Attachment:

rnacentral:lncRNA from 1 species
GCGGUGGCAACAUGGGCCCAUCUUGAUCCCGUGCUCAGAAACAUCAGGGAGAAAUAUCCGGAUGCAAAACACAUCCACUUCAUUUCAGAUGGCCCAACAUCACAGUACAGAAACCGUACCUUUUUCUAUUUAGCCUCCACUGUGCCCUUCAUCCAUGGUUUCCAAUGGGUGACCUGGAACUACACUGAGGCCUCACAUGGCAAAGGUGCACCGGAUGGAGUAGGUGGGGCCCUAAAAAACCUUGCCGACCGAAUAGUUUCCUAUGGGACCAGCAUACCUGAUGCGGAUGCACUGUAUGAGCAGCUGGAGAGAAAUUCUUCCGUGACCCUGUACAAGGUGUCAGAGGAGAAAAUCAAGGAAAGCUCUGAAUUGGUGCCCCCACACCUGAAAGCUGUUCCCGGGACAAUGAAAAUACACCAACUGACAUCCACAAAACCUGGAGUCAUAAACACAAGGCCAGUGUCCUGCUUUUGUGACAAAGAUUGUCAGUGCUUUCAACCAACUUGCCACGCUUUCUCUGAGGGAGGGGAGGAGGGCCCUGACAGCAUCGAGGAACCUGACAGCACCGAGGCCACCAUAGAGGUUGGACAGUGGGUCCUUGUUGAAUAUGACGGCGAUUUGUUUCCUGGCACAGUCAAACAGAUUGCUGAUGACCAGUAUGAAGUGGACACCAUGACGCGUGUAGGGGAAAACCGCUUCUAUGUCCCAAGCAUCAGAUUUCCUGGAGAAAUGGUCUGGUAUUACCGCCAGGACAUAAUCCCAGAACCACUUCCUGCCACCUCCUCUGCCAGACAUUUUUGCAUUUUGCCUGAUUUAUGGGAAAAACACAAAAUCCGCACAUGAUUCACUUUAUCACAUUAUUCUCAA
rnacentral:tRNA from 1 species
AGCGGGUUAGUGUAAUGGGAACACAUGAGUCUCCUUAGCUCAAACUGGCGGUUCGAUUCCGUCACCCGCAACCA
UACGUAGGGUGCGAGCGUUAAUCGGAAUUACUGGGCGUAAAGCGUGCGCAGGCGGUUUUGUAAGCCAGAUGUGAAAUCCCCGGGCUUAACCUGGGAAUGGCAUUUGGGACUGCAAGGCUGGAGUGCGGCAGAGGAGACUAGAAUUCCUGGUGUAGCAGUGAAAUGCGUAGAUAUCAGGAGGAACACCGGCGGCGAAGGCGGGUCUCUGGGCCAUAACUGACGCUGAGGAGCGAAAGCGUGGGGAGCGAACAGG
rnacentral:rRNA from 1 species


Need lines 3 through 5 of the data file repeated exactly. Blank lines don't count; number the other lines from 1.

rnacentral:tRNA from 1 species
AGCGGGUUAGUGUAAUGGGAACACAUGAGUCUCCUUAGCUCAAACUGGCGGUUCGAUUCCGUCACCCGCAACCA
UACGUAGGGUGCGAGCGUUAAUCGGAAUUACUGGGCGUAAAGCGUGCGCAGGCGGUUUUGUAAGCCAGAUGUGAAAUCCCCGGGCUUAACCUGGGAAUGGCAUUUGGGACUGCAAGGCUGGAGUGCGGCAGAGGAGACUAGAAUUCCUGGUGUAGCAGUGAAAUGCGUAGAUAUCAGGAGGAACACCGGCGGCGAAGGCGGGUCUCUGGGCCAUAACUGACGCUGAGGAGCGAAAGCGUGGGGAGCGAACAGG